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Edmonton Mayor Amarjeet Sohi expects safer streets in 2024

Edmonton Mayor Amarjeet Sohi hopes 2024 will be a turning point for the city when it comes to safety. 

In a year-end interview with CBC News last week, Sohi said he recognizes that safety is the biggest issue for many Edmontonians.

“We have seen more gang activity, we have seen more gun violence, we have seen more disorder in our communities,” he said. 

In November, two separate assaults — one on the Coliseum LRT platform and one near the station — sent two people to hospital. 

In recent weeks, two separate gun-related incidents prompted Kingsway Mall and West Edmonton Mall to lock down.

Sohi said the city has been investing in more supportive housing and hiring more social workers to assist bylaw, peace officers and police officers.

City council approved more money for police under a funding formula for the next three years. An annual base budget is adjusted according to inflation and population growth. 

For 2024, police service gets $437.4 million, the biggest expenditure in the city’s operating budget — It’s a model no other city department uses and one that city council approved only after hours of debate. 

Sohi is insisting on seeing results. 

“We have given what EPS administration, police commission wanted from us. We have done that. Now it’s the responsibility of EPS administration and the police commission to utilize those resources to improve safety.”

“I would expect that we would see safer streets in 2024,” Sohi said. “That we will see, you know, less gang activity in our city on our streets, that we will see less drug activity in our streets.”

Encampments

Police were poised to dismantle between 118 and 135 tents at encampment sites around the city last week. A judge ordered an interim injunction with conditions: police and city staff must give residents 48 hours’ notice, they have to notify social agencies, and must consider weather and harm of exposure.

Police must check whether there’s enough shelter or other indoor spaces available to accept people who get displaced — a condition Sohi doesn’t think is possible. 

“You can remove encampments, but where are people going to go? They’re going to move through the next neighbourhood. They’re going to move to another business district.” 

Encampments are symptoms of the broader social issues of mental health, addictions, poverty, he said. 

In a common refrain, Sohi pointed a finger at the provincial and federal governments on their responsibility to invest in safer, accessible shelters, mental health and addictions programs and services, and various types of housing. 

“We can’t really deal with encampments in an effective way until we have the capacity built in the system, in the shelters and the housing to take people to.”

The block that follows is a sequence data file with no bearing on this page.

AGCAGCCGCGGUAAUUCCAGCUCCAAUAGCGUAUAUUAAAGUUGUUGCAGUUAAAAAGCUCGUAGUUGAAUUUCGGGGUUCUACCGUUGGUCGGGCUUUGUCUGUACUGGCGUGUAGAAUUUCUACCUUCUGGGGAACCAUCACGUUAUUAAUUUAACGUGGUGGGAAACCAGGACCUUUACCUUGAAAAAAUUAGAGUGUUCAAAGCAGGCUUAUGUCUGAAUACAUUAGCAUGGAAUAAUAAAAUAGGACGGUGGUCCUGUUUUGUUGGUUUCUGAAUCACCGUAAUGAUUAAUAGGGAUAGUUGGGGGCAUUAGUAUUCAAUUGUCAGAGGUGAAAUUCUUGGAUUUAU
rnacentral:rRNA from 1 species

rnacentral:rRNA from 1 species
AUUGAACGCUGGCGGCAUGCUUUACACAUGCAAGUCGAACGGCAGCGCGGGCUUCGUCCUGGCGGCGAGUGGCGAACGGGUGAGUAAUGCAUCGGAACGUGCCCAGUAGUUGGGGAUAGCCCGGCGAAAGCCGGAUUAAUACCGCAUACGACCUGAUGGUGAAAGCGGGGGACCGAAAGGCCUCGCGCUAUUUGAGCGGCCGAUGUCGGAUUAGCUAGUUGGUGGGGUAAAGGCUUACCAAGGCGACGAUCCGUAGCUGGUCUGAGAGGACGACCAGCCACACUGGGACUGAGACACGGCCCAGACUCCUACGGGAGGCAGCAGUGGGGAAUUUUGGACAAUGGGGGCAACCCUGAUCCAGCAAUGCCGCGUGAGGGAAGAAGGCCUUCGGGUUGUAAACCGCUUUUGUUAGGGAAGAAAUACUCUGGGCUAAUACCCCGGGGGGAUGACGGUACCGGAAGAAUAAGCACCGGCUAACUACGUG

Alberta Seniors, Community and Social Services Minister Jason Nixon said there are many social programs and services the province is funding. 

“Edmontonians have a right to walk through their city streets or take public transit without fearing for their safety,” Nixon said in an email last week. 

“That is why Alberta’s government has stepped up to fund 50 additional police officers in the city and is working alongside police services to introduce new mental health and addiction supports for people in police custody.”

Nixon noted the the province provides consistent funding for Homeward Trust, the city’s housing and homelessness agency.

Nixon also said the government has allocated $12 million to both Calgary and Edmonton to expand and extend their low-income transit pass programs next year. 

Taxes and contracts

Staff in technical, administrative and clerical jobs are negotiating a new contract with the city and so far, are stuck on terms. 

President of Civic Service Union local 52, Lanny Chudyk, said employees —  about 5,200, plus 700 Edmonton Public Library staff — haven’t had a salary increase for five years. 

“The city’s offer of zero per cent for 2021, one per cent for 2022, and two per cent for 2023 is unacceptable and embarrassing, especially for our members in the lowest pay grids,” Chudyk said in a news release in mid-December.

Sohi said employees are critical in running the city services but stopped short of saying whether he thinks they should get a raise. 

“I really value the work that City of Edmonton’s employees provide to Edmontonians. I was one of them, being a bus driver,” he said. “We want to make sure that our employees are treated fairly, they are compensated appropriately.”

Sohi encourages the CSU to continue negotiating. Talks are expected to resume in the new year. 

It’s not clear how higher wages may impact the budget adjustment in the spring.

City council approved a 6.6 per cent tax increase in the fall operating budget adjustment — an increase from the 5 per cent it previously agreed to for the 2023-2026 budget.

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